So though I am sympathetic to reminiscences about “That’s not what it was like ten, twenty, forty years ago,” yes, that may be so, but that’s the reality of what it’s like now, and it’s now that we need to survive in. I don’t judge writers who make decisions about how to survive right now, whether they feel they have to write under male pseudonyms or only tell stories about men (ug). If anything, survival in this business is precarious at the best of times. I have made different choices, but I can tell you right now – I’ve fought like hell to make a career writing what I’d like, as myself, and I don’t ever blame anyone for trying to tell different stories, as someone else, to make it fucking easier.

Because yes, it has been fucking hard.

Survival often requires making hard decisions. I have fought with tooth and nail for every post that mentions my work on a “best of” with a bunch of dudes and oh yeah, Robin Hobb, the other gender neutral named fantasy writer. I’ve fought to get included on roundtables talking about my work. I’ve fought for podcasts, for blog posts, for readership. At no point did I think I’d “write a good story” and things would pan out. At no point did I ever think that I’d just magically grow a readership writing the weird, gritty, women-centered stories I write. And at no point did I ever once doubt that being mistaken for “Mr. Hurley” was actually very good for my career.

I knew I would have to fight for every inch. I am fighting still. I will fight until the last breath leaves my body. There is nothing given to me. There are no expectations for sales or promotion or support in my career that comes from anyone but me. Any of those things I receive are welcome surprises. “Oh, I was not belittled at a con? How lovely!” or “Oh, I was not savaged on some forum for writing about women? How nice!” or “I actually got invited to a speaking engagement by someone who mistook me for a man? Well, of course!”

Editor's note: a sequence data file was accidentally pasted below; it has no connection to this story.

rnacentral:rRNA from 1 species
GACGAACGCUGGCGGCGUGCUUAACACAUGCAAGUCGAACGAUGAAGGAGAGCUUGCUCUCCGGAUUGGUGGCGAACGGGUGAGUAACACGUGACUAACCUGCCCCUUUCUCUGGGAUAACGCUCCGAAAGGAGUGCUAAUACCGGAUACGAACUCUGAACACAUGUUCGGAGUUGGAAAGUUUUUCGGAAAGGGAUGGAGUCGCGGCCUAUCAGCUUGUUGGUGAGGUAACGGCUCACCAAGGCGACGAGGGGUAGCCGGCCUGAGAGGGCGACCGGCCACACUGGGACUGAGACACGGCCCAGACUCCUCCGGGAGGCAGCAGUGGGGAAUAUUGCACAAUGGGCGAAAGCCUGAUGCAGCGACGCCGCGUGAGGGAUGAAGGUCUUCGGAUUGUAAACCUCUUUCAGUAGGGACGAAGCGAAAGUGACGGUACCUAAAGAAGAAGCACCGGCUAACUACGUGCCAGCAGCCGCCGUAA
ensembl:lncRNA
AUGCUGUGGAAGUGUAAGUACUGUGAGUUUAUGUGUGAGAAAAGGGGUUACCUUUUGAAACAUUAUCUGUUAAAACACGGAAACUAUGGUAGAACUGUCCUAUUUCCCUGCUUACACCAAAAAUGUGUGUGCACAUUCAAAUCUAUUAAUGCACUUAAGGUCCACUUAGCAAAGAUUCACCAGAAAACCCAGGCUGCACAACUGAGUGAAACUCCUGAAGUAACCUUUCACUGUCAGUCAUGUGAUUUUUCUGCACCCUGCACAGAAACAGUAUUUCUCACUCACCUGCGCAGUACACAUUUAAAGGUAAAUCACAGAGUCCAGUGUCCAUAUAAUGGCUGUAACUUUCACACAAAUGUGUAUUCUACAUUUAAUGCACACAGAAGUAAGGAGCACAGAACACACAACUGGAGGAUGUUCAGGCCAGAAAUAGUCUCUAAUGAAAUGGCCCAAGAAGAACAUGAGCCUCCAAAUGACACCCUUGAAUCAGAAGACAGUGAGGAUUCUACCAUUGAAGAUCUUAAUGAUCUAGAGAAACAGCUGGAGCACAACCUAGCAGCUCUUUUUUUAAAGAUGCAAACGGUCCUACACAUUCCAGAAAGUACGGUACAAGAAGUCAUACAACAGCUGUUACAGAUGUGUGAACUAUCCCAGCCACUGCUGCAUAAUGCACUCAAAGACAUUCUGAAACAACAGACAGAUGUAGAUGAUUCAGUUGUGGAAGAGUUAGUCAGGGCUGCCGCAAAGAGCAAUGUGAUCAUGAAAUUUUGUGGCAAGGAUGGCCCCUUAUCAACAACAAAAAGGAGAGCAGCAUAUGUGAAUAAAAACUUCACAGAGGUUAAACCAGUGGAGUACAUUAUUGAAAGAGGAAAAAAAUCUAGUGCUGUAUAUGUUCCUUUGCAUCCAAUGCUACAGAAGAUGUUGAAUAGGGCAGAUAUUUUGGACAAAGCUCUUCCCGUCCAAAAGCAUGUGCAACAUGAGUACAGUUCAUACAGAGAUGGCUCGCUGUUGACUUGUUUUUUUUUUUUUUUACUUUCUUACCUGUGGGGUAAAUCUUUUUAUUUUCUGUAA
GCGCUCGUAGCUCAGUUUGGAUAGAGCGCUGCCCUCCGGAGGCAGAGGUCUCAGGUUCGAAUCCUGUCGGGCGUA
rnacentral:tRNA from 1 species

Thirty years from now, there will be another generation of writers pushing their way up through the genre. They will face a lot of the same challenges as I do for market share, for visibility. But they will have a whole host of other challenges, too, and it behooves me to listen to what they’re saying, to understand their challenges, instead of insisting that in my day, we wrote under a gender-neutral name  and expected to get felt up at conventions and by god WE WERE THANKFUL FOR IT.

Me saying, “Things were so much better/easier/simpler in my day” might be true in thirty years, but it doesn’t help the conversation. It doesn’t solve the current problems. It doesn’t help us all survive and move forward and build careers out of the current mangled state of whatever publishing is now or thirty years from now.

And we do have to move forward. We have to move on. And we must do it together.

One Bloke to Rule Us All: Depictions of Hegemony in Snowpiercer vs. Guardians of the Galaxy

Note: Contains All the Spoilers for both films

I had the surreal experience of watching Snowpiercer and Guardians of the Galaxy within a week of each other. I can hear the cries now: but what the hell does a dystopic train apocalypse movie have to do with a MacGuffin-plot galaxy romp with a wise cracking team of misfits?

What actually fascinated me most in watching these two films so closely together is noticing how differently they treated the depiction of the status quo of patriarchal white leadership. Oh yeah, I went there!

Golf clap and move on, if this isn’t your bag.

So in Snowpiercer we have, surprise, a white male lead being pushed on ahead of a rag-tag band of misfits stuck at the back of a train hurtling through a lifeless environment: the only way to live is to be on the train, but what constitutes “living” is pretty grim. We’ll learn later that folks at the back of the train resorted to murdering each other and chopping off each other’s limbs and eating them to survive (let’s handwave the reality of this. This movie is an allegory – in truth, by the time you’re starving enough to start eating each other, you’re not going to have a lot of energy left to murder one another. It’s far easier to subsist on people already dead. And chopping off limbs with no proper medical care around means many of those folks would die from shock. But that doesn’t make for a good body horror film. Hand wave, hand wave we are on a magic train hurtling through an Ice Planet, after all). What these folks resorted to was following the leadership of an old white man, who is grooming another white man to take his place. As we’ll learn as we run up through the train, this grooming of Our Hero isn’t even just for the folks at the back of the train. The old white guy at the head of the train has, in fact, been grooming him to take over the whole broken, fucked up train system – a perfect microcosm of our own 1% to rule them all society, with clear depictions of all it’s broken, brutal ways writ large.